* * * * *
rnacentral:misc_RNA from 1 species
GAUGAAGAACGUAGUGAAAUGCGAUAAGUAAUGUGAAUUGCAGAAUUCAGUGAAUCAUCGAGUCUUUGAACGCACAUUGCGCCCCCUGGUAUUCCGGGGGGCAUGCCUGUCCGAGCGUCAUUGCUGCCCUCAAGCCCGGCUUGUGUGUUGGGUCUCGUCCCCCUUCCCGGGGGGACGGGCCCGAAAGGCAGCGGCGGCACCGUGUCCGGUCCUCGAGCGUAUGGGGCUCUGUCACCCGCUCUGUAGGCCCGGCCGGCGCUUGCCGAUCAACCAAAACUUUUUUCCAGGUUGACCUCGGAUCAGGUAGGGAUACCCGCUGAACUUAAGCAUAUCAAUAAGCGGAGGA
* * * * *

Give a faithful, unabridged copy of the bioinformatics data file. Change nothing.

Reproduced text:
rnacentral:misc_RNA from 1 species
GAUGAAGAACGUAGUGAAAUGCGAUAAGUAAUGUGAAUUGCAGAAUUCAGUGAAUCAUCGAGUCUUUGAACGCACAUUGCGCCCCCUGGUAUUCCGGGGGGCAUGCCUGUCCGAGCGUCAUUGCUGCCCUCAAGCCCGGCUUGUGUGUUGGGUCUCGUCCCCCUUCCCGGGGGGACGGGCCCGAAAGGCAGCGGCGGCACCGUGUCCGGUCCUCGAGCGUAUGGGGCUCUGUCACCCGCUCUGUAGGCCCGGCCGGCGCUUGCCGAUCAACCAAAACUUUUUUCCAGGUUGACCUCGGAUCAGGUAGGGAUACCCGCUGAACUUAAGCAUAUCAAUAAGCGGAGGA